PREVENT Use Cases: Uncovering Misconfigurations
During an initial demo with a water management company, Darktrace PREVENT found an industrial control system exposed to the internet. Immediately, the organization went into incident response mode because this system was mission critical and could potentially impact the water facilities, as it had the power to adjust water flow. This asset was exposed because of a simple misconfiguration, highlighting to the customer the need for proactive monitoring of its attack surface. In this case, the engineer who set up the system had simply not noticed the mistake, but these scenarios could be more dangerous and more likely if insider threat is involved.
Misconfigurations arise when vital security settings are either not applied or applied incorrectly. Such misconfigurations produce vulnerable security openings that can be exploited by attackers to either gain a foothold in the asset or generate a more dangerous attack, like altering water flow or deploying ransomware. There is a wide variety of assets that are subject to potential misconfigurations, including web or application servers, cloud containers, custom code, network devices like desktops or servers, and entire databases.
Unfortunately, the pervasiveness of misconfigurations is only increasing. In the past 12 months, there has been a 310% increase in hackers reporting misconfiguration vulnerabilities to the HackerOne platform.
Every digital environment has its own characteristics that alter the prevalence or the impact of misconfigurations. For example, industrial devices that support critical infrastructure are all the more sensitive to these types of changes, as these devices often have limited integrated security, despite their highly delicate functions. Because with every vendor and device has its own recommended configuration, security teams must take additional precautions.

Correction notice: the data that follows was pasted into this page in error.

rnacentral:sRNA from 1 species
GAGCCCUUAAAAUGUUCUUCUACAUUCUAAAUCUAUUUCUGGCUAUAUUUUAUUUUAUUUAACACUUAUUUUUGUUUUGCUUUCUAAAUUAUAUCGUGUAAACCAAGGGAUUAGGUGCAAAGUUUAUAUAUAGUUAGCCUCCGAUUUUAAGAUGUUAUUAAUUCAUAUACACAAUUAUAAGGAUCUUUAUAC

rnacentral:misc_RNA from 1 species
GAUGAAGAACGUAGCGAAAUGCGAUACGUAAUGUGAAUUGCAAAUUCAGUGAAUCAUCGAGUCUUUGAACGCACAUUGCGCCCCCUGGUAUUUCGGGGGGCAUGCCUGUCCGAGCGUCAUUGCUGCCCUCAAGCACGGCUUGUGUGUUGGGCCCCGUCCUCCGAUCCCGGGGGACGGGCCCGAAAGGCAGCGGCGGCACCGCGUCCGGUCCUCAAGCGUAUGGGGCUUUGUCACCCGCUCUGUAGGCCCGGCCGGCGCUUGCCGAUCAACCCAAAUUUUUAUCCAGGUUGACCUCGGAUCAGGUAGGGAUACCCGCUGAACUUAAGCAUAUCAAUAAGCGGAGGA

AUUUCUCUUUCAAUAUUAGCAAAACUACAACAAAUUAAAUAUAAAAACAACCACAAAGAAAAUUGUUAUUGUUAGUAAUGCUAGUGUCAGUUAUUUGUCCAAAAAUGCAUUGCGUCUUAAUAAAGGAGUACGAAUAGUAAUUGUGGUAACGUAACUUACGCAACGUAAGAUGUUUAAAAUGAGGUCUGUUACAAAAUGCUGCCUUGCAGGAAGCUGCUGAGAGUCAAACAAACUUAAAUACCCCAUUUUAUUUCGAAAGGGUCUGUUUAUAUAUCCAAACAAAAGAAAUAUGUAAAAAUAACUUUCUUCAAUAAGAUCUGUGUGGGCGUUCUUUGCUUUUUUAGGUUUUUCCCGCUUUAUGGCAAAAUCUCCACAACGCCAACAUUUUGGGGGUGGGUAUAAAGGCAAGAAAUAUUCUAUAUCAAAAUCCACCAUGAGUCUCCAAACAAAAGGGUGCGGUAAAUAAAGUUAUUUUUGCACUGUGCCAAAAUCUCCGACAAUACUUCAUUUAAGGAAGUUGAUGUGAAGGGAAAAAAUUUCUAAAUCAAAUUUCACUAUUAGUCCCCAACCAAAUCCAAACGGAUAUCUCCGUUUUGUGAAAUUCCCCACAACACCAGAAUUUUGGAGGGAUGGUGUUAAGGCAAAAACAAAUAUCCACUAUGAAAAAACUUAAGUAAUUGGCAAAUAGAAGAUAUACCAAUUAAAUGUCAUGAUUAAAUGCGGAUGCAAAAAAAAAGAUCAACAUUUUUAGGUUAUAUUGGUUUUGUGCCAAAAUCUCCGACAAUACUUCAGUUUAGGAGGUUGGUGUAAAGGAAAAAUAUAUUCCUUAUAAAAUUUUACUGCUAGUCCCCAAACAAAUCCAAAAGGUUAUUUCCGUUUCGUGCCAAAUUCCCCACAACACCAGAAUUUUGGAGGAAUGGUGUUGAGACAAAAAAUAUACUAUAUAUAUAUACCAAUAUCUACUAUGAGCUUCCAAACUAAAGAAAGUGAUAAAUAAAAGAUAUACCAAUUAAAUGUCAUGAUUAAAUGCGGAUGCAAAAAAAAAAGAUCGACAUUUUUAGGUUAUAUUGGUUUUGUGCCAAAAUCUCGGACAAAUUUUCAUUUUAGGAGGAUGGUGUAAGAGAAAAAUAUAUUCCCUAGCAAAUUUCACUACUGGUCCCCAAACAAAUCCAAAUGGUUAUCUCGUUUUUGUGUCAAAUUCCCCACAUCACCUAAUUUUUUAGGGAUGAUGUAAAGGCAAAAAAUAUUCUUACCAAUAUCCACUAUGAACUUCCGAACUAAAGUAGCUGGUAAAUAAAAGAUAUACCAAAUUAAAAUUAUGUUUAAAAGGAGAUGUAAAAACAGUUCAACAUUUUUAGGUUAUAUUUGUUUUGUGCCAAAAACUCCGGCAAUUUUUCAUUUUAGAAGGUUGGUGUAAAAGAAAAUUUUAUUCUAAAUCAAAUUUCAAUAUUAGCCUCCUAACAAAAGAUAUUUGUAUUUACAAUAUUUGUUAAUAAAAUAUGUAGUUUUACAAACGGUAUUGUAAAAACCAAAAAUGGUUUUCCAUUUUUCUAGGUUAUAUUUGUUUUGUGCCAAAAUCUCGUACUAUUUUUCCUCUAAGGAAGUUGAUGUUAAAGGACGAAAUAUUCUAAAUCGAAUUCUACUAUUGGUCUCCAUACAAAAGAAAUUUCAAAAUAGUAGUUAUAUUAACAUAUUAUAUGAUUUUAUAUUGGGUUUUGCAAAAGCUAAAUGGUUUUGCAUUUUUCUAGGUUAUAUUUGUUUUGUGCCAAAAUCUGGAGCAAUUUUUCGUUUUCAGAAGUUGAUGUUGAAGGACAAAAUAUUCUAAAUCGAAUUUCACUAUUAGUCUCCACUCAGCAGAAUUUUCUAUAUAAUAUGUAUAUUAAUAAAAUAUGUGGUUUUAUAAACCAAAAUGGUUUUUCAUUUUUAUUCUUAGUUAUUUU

In cloud environments, the ease of deployment and increased capabilities also tend to produce more misconfigurations. Digital footprints are growing at such a pace that security departments may opt to skip onboarding processes of technologies to avoid becoming an obstacle for the business. It has become so easy for any department, regardless of their technical knowledge, to add cloud applications, software, or even hardware to the company's architecture. This is why shadow IT is so troublesome: it's impossible for the security team to ensure something is well configured if they don’t even know it exists.
In addition, due to rapid growth, security and IT teams aren’t experts in every technology included within the enterprise architecture. So, the teams may do their best to apply security controls while being unaware the current configuration is a misconfiguration. With digital assets’ constant evolution, they may even be configured correctly at one point but become misconfigured in the future if not updated.
It’s human nature that we make mistakes, and the more assets and third parties that are introduced, the more mistakes are possible. However, there are certain steps organizations can take towards reducing the frequency and the impact of misconfigurations.